Nobel Laureate Adam Riess and Nat Geo Explorer Kenny Broad discuss the adventure of exploring unknown realms.
Kenny Broad doesn't shy away from tough physical conditions or tough
issues. Through a unique combination of underwater cave exploration and
environmental anthropology, he tackles challenging expeditions to
unexplored caves and probes controversial problems ranging from climate
change to inequity in natural resource management, focusing on the
potential use and misuse of scientific information.
surface, underwater caves and pressing societal problems may seem
unconnected, but Broad reveals important links. "Underwater caves may
just look like dark, eerie holes, but they can be critical reservoirs of
clean fresh drinking water and are integral to the health of the
surrounding habitats," he says. "If pollution or climate change
threatens that ecosystem, it also threatens local people." His fieldwork
in the Bahamas and other countries is attempting to demonstrate how
caves and fresh water supply are part of an interconnected system that
plays a crucial role in coastal cultures.
Broad's long history of
diving and documentary film expeditions includes the exploration of one
of the world's deepest caves in the Huautla Plateau in Mexico. "You
can't send a remotely operated vehicle in to explore caves because the
technology simply doesn't exist," he says. "It's one of the few
environments left on the planet where you must physically go to learn
Underwater and aboveground, Broad is committed to an
interdisciplinary approach—developing teams that bring together
hydrologists, biologists, oceanographers, climatologists, psychologists,
and anthropologists to see the big picture. "Traditionally,
environmental and social problems have been looked at in isolation by
different disciplines," he observes. "But until the sciences engage with
people who actually experience problems and the policymakers who deal
with those issues, we'll never find the best solutions."
interdisciplinary training includes a Ph.D. in anthropology from
Columbia University and an M.A. in marine affairs and policy from the
University of Miami. He is currently a professor at University of
Miami's (UM) Rosenstiel School of Marine and Atmospheric Science, is the
Director of the UM's Abess Center for Ecosystem Science and Policy, and
is Co-Director of Columbia University's Center for Research on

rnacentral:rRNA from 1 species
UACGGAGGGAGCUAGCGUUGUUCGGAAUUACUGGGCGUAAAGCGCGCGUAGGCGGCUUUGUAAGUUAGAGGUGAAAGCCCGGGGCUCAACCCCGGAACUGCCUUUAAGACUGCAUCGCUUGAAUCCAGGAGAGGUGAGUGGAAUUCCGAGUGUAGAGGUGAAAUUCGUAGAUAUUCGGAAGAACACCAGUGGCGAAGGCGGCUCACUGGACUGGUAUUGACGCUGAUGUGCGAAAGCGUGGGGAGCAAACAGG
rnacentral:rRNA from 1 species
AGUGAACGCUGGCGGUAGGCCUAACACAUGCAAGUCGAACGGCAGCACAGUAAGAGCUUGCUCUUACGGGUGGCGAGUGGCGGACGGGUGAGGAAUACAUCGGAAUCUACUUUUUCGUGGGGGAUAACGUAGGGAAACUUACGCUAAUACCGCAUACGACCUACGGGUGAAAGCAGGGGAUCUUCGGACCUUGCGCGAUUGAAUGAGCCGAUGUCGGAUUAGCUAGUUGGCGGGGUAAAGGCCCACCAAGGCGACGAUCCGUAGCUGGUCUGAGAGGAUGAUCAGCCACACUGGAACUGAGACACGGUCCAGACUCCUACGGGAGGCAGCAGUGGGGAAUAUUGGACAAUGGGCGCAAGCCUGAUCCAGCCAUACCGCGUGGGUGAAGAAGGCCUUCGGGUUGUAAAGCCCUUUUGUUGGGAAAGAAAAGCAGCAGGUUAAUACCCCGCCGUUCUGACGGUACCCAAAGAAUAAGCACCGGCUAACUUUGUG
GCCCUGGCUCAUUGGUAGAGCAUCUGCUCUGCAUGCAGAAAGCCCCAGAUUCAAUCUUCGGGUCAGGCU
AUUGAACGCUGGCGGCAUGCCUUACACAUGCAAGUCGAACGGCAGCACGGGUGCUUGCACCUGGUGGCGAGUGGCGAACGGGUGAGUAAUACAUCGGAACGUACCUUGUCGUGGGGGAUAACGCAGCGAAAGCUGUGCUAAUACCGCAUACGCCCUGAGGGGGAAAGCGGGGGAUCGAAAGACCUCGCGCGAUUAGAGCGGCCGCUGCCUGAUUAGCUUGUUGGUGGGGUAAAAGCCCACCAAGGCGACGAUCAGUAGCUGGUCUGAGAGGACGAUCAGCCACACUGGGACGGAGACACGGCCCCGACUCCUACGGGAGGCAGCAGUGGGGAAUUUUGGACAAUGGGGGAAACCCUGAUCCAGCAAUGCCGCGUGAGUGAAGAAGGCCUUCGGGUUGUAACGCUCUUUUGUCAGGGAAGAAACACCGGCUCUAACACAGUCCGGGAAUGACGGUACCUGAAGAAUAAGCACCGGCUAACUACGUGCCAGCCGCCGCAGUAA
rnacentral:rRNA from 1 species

He also stresses the importance of
recognizing and communicating the level of uncertainty inherent in any
scientific information. Broad cites an example of this from his research
to illustrate his point: "A climate forecast that's right eight out of
ten years may be considered very successful in the science community.
For a big farm, sustaining a loss two out of ten years for those
'missed' forecasts may be possible—even if it occurs two years in a row.
But this may not be the case for a more vulnerable small farming
household in northeast Brazil. Let's say that farmer changes his/her
strategy to monocropping based on the forecast versus planting multiple
crops to hedge against too much or too little rain. If the forecast is
wrong the first two out of ten years, they'll have no seed for the next
year's crop and may in fact face a critical food shortage. So while
being right 80 percent of the time is impressive from a scientific
standpoint, how the probability plays out may be devastating for some
Despite such disparities, Broad believes that scientific
fact can have great practical utility if all aspects of a problem are
studied within context, uncertainties are openly communicated,
unintended consequences are anticipated, and issues of equity in
distribution of benefits are considered from the start.
believe in setting boundaries or firm expectations—those are just
limitations. That's why I find both underwater cave exploration and
interdisciplinary research so engaging. You never know what you're going
to discover until you get there. You never know what the answer—if
there is one—may turn out to be."
Dr. Adam G. Riess is a Professor of Astronomy and Physics at the
Johns Hopkins University and a Senior member of the Science Staff at
the Space Telescope Science Institute, both in Baltimore, MD.
His research involves measurements of the cosmological framework with
supernovae (exploding stars) and Cepheids (pulsating stars).
In 1998 Dr. Riess led a study for the High-z Team which provided the
first direct and published evidence that the expansion of the Universe
was accelerating and filled with Dark Energy (Riess et al. 1998, AJ,
116, 1009), a result which, together with the Supernova Cosmology
Project's result, was called the Breakthrough Discovery of the Year by
Science Magazine in 1998.
On the ten year anniversary of this discovery, Symmetry Magazine
reprinted the key page from his lab notebook showing the first
indication that the expansion of the Universe was accelerating.
He followed this work with a number of studies to test the
susceptibility of this measurement to contamination by unexpected types
of dust or evolution. To this aim, Dr. Riess led the Hubble Higher-z
Team beginning in 2002 to find 25 of the most distant supernovae known
with the Hubble Space Telescope, all at redshift greater than 1. This
work culminated in the first highly significant detection of the
preceding, decelerating epoch of the Universe and helped to confirm the
reality of acceleration by disfavoring alternative,
astrophysically-motivated explanations for the faintness of supernovae
(Riess et al. 2004, ApJ, 607, 655).
This work also began characterizing the time-dependent
nature of dark energy. It has been identified by NASA as the #1
Achievement of the Hubble Space Telescope to date.
He was awarded the 2011 Nobel Prize in Physics for his contributions to the discovery of the acceleration of the expansion of the universe.